Children who are raised with 'tough love' by their parents are likely to succeed in life, a new report has found.
The report, by think tank Demos, suggested that experiencing a combination of warmth and discipline means youngsters are more likely to develop skills such as application, self-regulation and empathy than those with laissez-faire, authoritarian or disengaged parents.
These characteristics boost children's life chances, social mobility and opportunity and were profoundly shaped in pre-school years, according to the report.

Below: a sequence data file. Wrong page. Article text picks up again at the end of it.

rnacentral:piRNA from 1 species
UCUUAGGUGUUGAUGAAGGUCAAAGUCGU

The Building Character report, which analysed data from more than 9,000 households in the UK from the Millennium Cohort Study, showed that kids with "tough love" parents were twice as likely to develop good character capabilities by the age of five than children with "disengaged" parents.
The report also looked at factors such as family structure and income, reports the Daily Star.
It found that kids from the richest backgrounds were more than twice as likely to develop crucial characteristics than the poorest.
Children with married parents were twice as likely to show the traits than children from lone parent or step-parented families, the study found.
The researchers of the study said that when parental style and confidence were factored in, the difference in child character development between richer and poorer families disappeared; indicating parenting was the most important influence.